Adventures in Guilty Pleasure – In defense of Death Cab
Defending a hipster band is a dangerous minefield to navigate. In so doing, I run the risk of looking like a member of the most useless and un-sub subculture since, well, ever. Not only that, but one who is ignorant of one of the cardinal tenets of her kind’s unspoken credo: Thou shalt, with scorn and contempt and overpriced coffee drink in hand, harshly dismiss with a wave of thy many-braceleted wrist every band that is pigeonholed as thy belonging.
At this very moment, I have Death Cab for Cutie’s infamous sellout album, PLANS, in my car’s stereo. You can check if you like; I’m parked 40 miles from campus in the free lot. Now, before you get all disgusted, hear me out.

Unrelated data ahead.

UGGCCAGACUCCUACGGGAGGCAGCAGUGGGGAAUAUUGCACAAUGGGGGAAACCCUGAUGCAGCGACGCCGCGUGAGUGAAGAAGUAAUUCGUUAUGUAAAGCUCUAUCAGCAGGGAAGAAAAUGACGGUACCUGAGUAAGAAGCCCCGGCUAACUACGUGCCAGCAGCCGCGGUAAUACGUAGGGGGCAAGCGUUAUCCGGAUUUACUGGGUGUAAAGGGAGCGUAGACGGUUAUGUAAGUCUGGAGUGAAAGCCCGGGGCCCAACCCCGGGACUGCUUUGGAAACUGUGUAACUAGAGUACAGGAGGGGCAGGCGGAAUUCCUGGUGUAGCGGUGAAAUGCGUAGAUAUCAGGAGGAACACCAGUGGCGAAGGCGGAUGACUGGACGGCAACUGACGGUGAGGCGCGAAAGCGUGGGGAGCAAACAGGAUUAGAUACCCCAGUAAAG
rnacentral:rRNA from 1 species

It may surprise you to be reminded that this is a really good album made by a really good band. Or have you forgotten their brilliant early cover of “This Charming Man” by The Smiths? That song was my first exposure to them and I haven’t gone back since. I’m certainly not convinced that PLANS is the best album made by Ben Gibbard et al., but it does possess the same monumentally languorous atmosphere and aching melancholic lucency of every previous and subsequent album.
Is my praise extravagant? Maybe, but so is your disdain.